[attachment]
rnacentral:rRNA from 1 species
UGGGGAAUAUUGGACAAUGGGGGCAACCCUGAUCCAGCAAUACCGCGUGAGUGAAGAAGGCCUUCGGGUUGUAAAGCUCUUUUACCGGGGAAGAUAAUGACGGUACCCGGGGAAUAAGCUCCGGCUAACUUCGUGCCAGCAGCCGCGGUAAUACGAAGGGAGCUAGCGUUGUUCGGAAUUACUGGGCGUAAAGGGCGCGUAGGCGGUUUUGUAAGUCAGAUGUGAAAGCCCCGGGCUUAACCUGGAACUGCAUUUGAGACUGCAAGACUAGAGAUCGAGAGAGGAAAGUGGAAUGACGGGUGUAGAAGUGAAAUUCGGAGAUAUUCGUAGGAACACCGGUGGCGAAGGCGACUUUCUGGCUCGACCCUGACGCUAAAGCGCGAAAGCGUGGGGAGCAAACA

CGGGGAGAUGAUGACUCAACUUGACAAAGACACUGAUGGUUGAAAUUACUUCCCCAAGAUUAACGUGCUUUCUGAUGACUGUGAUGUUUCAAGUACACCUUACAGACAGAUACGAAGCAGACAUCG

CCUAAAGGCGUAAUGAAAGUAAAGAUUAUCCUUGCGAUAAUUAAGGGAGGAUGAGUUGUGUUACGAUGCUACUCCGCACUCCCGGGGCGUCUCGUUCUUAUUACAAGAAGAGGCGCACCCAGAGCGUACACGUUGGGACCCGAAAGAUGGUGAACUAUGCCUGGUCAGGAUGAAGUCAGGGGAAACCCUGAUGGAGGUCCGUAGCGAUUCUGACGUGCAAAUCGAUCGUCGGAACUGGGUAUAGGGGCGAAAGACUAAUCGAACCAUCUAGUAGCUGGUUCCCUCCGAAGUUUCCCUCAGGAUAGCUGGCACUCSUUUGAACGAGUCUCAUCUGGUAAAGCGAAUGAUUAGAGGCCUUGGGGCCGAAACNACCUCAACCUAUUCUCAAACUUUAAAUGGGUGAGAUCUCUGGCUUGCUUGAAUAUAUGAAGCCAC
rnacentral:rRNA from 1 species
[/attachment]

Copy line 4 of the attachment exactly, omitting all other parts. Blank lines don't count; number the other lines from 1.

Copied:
CCUAAAGGCGUAAUGAAAGUAAAGAUUAUCCUUGCGAUAAUUAAGGGAGGAUGAGUUGUGUUACGAUGCUACUCCGCACUCCCGGGGCGUCUCGUUCUUAUUACAAGAAGAGGCGCACCCAGAGCGUACACGUUGGGACCCGAAAGAUGGUGAACUAUGCCUGGUCAGGAUGAAGUCAGGGGAAACCCUGAUGGAGGUCCGUAGCGAUUCUGACGUGCAAAUCGAUCGUCGGAACUGGGUAUAGGGGCGAAAGACUAAUCGAACCAUCUAGUAGCUGGUUCCCUCCGAAGUUUCCCUCAGGAUAGCUGGCACUCSUUUGAACGAGUCUCAUCUGGUAAAGCGAAUGAUUAGAGGCCUUGGGGCCGAAACNACCUCAACCUAUUCUCAAACUUUAAAUGGGUGAGAUCUCUGGCUUGCUUGAAUAUAUGAAGCCAC